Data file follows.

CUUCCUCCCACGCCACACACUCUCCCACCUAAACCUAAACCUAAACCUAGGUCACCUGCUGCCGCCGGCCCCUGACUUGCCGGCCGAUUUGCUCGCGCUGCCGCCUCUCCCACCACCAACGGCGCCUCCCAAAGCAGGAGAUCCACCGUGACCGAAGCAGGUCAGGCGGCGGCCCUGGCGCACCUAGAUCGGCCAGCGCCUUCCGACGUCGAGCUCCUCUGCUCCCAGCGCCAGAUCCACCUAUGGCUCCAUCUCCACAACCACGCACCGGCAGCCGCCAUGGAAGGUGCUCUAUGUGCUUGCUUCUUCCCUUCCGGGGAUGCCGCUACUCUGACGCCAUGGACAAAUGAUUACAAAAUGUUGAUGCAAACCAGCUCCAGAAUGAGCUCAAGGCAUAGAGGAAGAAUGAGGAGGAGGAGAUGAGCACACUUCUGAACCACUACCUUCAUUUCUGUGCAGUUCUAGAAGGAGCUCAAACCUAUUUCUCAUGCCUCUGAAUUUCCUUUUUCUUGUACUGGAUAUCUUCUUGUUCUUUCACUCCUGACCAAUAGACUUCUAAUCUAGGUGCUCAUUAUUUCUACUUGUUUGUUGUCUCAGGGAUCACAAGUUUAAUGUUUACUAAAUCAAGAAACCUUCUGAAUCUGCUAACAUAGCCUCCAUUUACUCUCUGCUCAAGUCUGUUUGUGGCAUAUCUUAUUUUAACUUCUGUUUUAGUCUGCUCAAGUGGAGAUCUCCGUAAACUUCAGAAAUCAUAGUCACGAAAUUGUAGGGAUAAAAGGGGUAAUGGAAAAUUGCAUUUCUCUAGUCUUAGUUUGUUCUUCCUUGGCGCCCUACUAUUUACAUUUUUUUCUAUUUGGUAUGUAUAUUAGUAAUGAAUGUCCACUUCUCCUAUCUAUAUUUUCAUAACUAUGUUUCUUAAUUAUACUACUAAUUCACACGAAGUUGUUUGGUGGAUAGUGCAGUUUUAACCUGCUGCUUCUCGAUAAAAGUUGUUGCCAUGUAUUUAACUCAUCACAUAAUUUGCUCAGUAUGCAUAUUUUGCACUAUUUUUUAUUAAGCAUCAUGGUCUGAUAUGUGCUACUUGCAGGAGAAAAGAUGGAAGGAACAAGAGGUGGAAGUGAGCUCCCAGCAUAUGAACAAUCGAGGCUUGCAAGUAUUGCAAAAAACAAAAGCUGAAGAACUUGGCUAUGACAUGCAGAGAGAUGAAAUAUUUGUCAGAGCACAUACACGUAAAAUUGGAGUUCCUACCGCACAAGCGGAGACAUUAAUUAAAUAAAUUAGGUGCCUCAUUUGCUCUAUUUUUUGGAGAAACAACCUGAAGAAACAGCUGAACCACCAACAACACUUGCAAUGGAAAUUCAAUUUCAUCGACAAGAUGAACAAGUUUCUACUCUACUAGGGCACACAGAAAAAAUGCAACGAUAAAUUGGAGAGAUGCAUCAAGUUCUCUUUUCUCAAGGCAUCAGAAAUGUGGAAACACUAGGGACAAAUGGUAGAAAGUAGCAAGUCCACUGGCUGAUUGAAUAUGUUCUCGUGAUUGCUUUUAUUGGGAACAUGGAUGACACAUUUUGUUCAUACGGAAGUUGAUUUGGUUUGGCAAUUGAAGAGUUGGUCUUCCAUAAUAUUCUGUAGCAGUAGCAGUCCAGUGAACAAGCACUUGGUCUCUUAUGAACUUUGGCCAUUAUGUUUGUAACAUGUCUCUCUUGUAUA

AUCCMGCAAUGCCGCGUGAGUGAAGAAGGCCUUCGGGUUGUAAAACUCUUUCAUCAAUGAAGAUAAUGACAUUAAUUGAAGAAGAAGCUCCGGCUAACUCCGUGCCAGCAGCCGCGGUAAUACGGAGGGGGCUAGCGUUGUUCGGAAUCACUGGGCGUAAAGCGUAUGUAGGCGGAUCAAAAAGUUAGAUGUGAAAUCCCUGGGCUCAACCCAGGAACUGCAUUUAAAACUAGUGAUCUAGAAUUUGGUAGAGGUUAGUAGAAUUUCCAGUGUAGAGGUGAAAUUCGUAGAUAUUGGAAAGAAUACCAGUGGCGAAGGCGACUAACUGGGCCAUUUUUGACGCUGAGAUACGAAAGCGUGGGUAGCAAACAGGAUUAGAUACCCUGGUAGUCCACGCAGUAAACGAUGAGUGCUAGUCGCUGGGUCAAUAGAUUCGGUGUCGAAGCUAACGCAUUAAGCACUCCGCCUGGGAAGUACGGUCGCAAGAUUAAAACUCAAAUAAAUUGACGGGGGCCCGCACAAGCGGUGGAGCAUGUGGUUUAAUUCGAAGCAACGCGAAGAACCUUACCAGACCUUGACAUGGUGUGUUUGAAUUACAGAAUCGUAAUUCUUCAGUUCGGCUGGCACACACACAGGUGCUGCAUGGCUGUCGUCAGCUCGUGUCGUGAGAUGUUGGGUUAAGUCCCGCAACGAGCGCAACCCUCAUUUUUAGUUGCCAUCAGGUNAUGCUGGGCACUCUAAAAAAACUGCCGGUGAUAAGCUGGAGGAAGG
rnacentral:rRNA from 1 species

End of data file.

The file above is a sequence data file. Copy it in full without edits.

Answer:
CUUCCUCCCACGCCACACACUCUCCCACCUAAACCUAAACCUAAACCUAGGUCACCUGCUGCCGCCGGCCCCUGACUUGCCGGCCGAUUUGCUCGCGCUGCCGCCUCUCCCACCACCAACGGCGCCUCCCAAAGCAGGAGAUCCACCGUGACCGAAGCAGGUCAGGCGGCGGCCCUGGCGCACCUAGAUCGGCCAGCGCCUUCCGACGUCGAGCUCCUCUGCUCCCAGCGCCAGAUCCACCUAUGGCUCCAUCUCCACAACCACGCACCGGCAGCCGCCAUGGAAGGUGCUCUAUGUGCUUGCUUCUUCCCUUCCGGGGAUGCCGCUACUCUGACGCCAUGGACAAAUGAUUACAAAAUGUUGAUGCAAACCAGCUCCAGAAUGAGCUCAAGGCAUAGAGGAAGAAUGAGGAGGAGGAGAUGAGCACACUUCUGAACCACUACCUUCAUUUCUGUGCAGUUCUAGAAGGAGCUCAAACCUAUUUCUCAUGCCUCUGAAUUUCCUUUUUCUUGUACUGGAUAUCUUCUUGUUCUUUCACUCCUGACCAAUAGACUUCUAAUCUAGGUGCUCAUUAUUUCUACUUGUUUGUUGUCUCAGGGAUCACAAGUUUAAUGUUUACUAAAUCAAGAAACCUUCUGAAUCUGCUAACAUAGCCUCCAUUUACUCUCUGCUCAAGUCUGUUUGUGGCAUAUCUUAUUUUAACUUCUGUUUUAGUCUGCUCAAGUGGAGAUCUCCGUAAACUUCAGAAAUCAUAGUCACGAAAUUGUAGGGAUAAAAGGGGUAAUGGAAAAUUGCAUUUCUCUAGUCUUAGUUUGUUCUUCCUUGGCGCCCUACUAUUUACAUUUUUUUCUAUUUGGUAUGUAUAUUAGUAAUGAAUGUCCACUUCUCCUAUCUAUAUUUUCAUAACUAUGUUUCUUAAUUAUACUACUAAUUCACACGAAGUUGUUUGGUGGAUAGUGCAGUUUUAACCUGCUGCUUCUCGAUAAAAGUUGUUGCCAUGUAUUUAACUCAUCACAUAAUUUGCUCAGUAUGCAUAUUUUGCACUAUUUUUUAUUAAGCAUCAUGGUCUGAUAUGUGCUACUUGCAGGAGAAAAGAUGGAAGGAACAAGAGGUGGAAGUGAGCUCCCAGCAUAUGAACAAUCGAGGCUUGCAAGUAUUGCAAAAAACAAAAGCUGAAGAACUUGGCUAUGACAUGCAGAGAGAUGAAAUAUUUGUCAGAGCACAUACACGUAAAAUUGGAGUUCCUACCGCACAAGCGGAGACAUUAAUUAAAUAAAUUAGGUGCCUCAUUUGCUCUAUUUUUUGGAGAAACAACCUGAAGAAACAGCUGAACCACCAACAACACUUGCAAUGGAAAUUCAAUUUCAUCGACAAGAUGAACAAGUUUCUACUCUACUAGGGCACACAGAAAAAAUGCAACGAUAAAUUGGAGAGAUGCAUCAAGUUCUCUUUUCUCAAGGCAUCAGAAAUGUGGAAACACUAGGGACAAAUGGUAGAAAGUAGCAAGUCCACUGGCUGAUUGAAUAUGUUCUCGUGAUUGCUUUUAUUGGGAACAUGGAUGACACAUUUUGUUCAUACGGAAGUUGAUUUGGUUUGGCAAUUGAAGAGUUGGUCUUCCAUAAUAUUCUGUAGCAGUAGCAGUCCAGUGAACAAGCACUUGGUCUCUUAUGAACUUUGGCCAUUAUGUUUGUAACAUGUCUCUCUUGUAUA

AUCCMGCAAUGCCGCGUGAGUGAAGAAGGCCUUCGGGUUGUAAAACUCUUUCAUCAAUGAAGAUAAUGACAUUAAUUGAAGAAGAAGCUCCGGCUAACUCCGUGCCAGCAGCCGCGGUAAUACGGAGGGGGCUAGCGUUGUUCGGAAUCACUGGGCGUAAAGCGUAUGUAGGCGGAUCAAAAAGUUAGAUGUGAAAUCCCUGGGCUCAACCCAGGAACUGCAUUUAAAACUAGUGAUCUAGAAUUUGGUAGAGGUUAGUAGAAUUUCCAGUGUAGAGGUGAAAUUCGUAGAUAUUGGAAAGAAUACCAGUGGCGAAGGCGACUAACUGGGCCAUUUUUGACGCUGAGAUACGAAAGCGUGGGUAGCAAACAGGAUUAGAUACCCUGGUAGUCCACGCAGUAAACGAUGAGUGCUAGUCGCUGGGUCAAUAGAUUCGGUGUCGAAGCUAACGCAUUAAGCACUCCGCCUGGGAAGUACGGUCGCAAGAUUAAAACUCAAAUAAAUUGACGGGGGCCCGCACAAGCGGUGGAGCAUGUGGUUUAAUUCGAAGCAACGCGAAGAACCUUACCAGACCUUGACAUGGUGUGUUUGAAUUACAGAAUCGUAAUUCUUCAGUUCGGCUGGCACACACACAGGUGCUGCAUGGCUGUCGUCAGCUCGUGUCGUGAGAUGUUGGGUUAAGUCCCGCAACGAGCGCAACCCUCAUUUUUAGUUGCCAUCAGGUNAUGCUGGGCACUCUAAAAAAACUGCCGGUGAUAAGCUGGAGGAAGG
rnacentral:rRNA from 1 species